Following the Babri mosque, a petitioner claimed that the famed Gyanvapi masjid in Varanasi was built by Mughal emperor Aurangzeb in the 16th century by demolishing a temple. The petitioner requested that the Archeological Survey of India conduct a complete survey of the complex.
Both sides of the debate reacted angrily to the survey decision. The Supreme Court refused to award an interim order of status quo on the survey of the Gyanvapi-Shringar Gauri complex in Varanasi, Uttar Pradesh, on Friday (May 13, 2022), noting that the study will be videotaped.
However, this isn't the first time the Gyanvapi mosque has been involved in a debate; the masjid has been a source of contention since 1194. Here are some fascinating facts about the history of Gyanvapi Masjid.
The Gyanvapi controversy of 1936
According to court records, in 1936, a trial was held to determine the legality of the Gyanvapi mosque, which included Professor Altekar's testimony.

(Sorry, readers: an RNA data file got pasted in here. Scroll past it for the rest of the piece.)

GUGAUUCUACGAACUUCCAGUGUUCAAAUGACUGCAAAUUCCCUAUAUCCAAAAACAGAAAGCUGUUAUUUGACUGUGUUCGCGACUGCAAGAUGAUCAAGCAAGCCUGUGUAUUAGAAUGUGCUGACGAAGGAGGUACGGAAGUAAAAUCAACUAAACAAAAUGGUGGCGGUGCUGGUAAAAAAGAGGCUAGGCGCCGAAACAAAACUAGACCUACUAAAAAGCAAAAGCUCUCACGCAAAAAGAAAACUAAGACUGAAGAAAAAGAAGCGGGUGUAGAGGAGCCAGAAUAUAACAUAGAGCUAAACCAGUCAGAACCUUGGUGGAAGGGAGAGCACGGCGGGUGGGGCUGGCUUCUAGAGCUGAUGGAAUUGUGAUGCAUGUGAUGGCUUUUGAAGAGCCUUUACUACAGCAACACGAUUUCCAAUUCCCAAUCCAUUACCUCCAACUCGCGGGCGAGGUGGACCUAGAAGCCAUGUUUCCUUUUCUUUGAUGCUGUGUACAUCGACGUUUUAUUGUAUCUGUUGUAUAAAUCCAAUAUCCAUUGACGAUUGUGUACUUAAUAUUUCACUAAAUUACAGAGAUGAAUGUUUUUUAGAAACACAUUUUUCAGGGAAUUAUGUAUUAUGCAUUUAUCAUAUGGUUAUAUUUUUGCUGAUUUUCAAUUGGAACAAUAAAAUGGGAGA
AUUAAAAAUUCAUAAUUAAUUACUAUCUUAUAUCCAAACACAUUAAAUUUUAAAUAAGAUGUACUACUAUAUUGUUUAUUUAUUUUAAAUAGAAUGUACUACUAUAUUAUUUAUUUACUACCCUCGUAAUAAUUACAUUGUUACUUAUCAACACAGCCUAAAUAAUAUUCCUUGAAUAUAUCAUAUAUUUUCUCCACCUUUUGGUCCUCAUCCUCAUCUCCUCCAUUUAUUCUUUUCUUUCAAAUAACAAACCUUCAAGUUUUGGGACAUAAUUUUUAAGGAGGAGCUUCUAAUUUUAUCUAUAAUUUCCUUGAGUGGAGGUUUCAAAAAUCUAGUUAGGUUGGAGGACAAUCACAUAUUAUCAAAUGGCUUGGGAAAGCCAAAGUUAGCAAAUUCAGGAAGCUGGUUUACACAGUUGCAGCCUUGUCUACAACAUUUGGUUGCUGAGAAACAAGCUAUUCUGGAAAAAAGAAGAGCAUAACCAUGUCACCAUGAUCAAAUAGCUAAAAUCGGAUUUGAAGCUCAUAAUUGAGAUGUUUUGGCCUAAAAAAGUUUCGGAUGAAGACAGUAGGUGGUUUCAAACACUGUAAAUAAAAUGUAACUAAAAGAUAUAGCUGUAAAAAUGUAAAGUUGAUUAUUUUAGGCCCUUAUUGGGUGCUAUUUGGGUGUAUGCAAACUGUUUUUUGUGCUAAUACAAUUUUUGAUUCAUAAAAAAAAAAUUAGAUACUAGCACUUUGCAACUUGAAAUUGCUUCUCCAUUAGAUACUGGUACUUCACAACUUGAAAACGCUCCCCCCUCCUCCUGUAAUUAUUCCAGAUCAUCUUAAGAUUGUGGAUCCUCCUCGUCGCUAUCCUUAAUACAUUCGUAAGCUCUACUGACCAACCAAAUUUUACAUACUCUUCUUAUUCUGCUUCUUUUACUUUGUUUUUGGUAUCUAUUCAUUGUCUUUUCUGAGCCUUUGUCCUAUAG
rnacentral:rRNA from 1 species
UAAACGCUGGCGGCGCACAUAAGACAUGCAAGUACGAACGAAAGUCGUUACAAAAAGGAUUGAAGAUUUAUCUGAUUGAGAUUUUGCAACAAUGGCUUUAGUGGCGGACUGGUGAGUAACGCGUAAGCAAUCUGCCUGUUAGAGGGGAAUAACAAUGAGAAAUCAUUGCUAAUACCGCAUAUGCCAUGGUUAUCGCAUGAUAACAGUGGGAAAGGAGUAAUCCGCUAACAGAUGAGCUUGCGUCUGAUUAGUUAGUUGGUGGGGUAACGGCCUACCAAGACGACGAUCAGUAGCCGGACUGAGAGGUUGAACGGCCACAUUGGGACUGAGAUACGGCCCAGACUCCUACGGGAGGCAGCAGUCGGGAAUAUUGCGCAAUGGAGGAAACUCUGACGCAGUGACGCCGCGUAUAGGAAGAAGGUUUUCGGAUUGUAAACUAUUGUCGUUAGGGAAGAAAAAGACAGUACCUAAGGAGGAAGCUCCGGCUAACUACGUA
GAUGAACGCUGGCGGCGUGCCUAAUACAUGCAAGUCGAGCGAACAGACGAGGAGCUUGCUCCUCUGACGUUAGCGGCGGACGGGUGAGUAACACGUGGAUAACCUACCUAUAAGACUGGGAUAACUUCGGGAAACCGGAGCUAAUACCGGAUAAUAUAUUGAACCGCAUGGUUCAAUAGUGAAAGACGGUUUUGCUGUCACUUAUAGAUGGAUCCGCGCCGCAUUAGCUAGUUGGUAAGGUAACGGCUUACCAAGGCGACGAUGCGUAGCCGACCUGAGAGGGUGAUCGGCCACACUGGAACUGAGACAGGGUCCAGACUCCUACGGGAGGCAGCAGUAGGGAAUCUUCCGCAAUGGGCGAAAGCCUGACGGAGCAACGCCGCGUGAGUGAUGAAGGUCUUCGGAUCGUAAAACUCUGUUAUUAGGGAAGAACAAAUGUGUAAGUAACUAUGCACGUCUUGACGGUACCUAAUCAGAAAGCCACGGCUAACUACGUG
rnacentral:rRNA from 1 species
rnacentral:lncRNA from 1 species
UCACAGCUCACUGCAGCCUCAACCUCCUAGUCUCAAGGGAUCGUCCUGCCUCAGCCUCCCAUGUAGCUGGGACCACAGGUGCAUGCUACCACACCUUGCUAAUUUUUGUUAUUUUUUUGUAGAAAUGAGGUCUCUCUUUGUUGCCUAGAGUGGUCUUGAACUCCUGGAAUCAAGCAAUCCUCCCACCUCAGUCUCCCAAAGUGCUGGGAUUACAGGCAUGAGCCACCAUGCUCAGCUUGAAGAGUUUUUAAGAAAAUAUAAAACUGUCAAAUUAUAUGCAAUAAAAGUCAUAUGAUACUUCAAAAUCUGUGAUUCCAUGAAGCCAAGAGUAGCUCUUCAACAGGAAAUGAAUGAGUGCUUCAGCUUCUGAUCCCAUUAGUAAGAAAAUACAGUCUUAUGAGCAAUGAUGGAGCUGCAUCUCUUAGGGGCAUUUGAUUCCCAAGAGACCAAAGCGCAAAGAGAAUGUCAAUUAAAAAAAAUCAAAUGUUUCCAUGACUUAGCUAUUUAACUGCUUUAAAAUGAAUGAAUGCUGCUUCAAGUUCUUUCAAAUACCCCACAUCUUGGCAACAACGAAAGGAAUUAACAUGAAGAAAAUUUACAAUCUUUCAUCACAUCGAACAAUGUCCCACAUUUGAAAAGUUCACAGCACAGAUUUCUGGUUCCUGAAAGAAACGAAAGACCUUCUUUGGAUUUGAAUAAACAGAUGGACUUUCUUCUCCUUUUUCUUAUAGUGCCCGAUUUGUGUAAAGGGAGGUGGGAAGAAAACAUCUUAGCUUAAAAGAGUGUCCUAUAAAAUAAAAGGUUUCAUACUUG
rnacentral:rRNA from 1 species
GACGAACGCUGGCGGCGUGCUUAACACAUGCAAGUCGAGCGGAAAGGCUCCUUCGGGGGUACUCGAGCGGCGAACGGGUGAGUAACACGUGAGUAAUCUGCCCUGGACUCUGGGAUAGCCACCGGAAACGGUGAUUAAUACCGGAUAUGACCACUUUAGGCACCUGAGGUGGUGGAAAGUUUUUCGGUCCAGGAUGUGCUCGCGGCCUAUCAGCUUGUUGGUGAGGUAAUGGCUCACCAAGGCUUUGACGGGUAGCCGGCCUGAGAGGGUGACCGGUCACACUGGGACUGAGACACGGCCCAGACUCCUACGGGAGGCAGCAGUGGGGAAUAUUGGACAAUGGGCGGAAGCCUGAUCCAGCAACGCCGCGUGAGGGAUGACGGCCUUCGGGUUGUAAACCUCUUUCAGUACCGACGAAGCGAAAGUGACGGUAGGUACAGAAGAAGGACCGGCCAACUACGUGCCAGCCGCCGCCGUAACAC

Professor Paramatma Sharan, a Banaras-born historian, made a declaration on behalf of the British Government on 14 May 1937, in which he produced portions from the historian of Aurangzeb's time, 'Ma Asire Alam Giri,' which claimed that Gyanvapit Mosque was a temple in the 16th century.
According to the Hindu side's legal history lawyer, Vijay Shankar Rastogi, historical facts mentioned in general history books are recognised as evidence under Section 57 (13) of the Indian Evidence Act.
According to the Indian Evidence Act 1872, historical reports of Altekar and Chinese explorer Hiuen Tsang mention a temple and a hundred-foot-long Shiva Linga.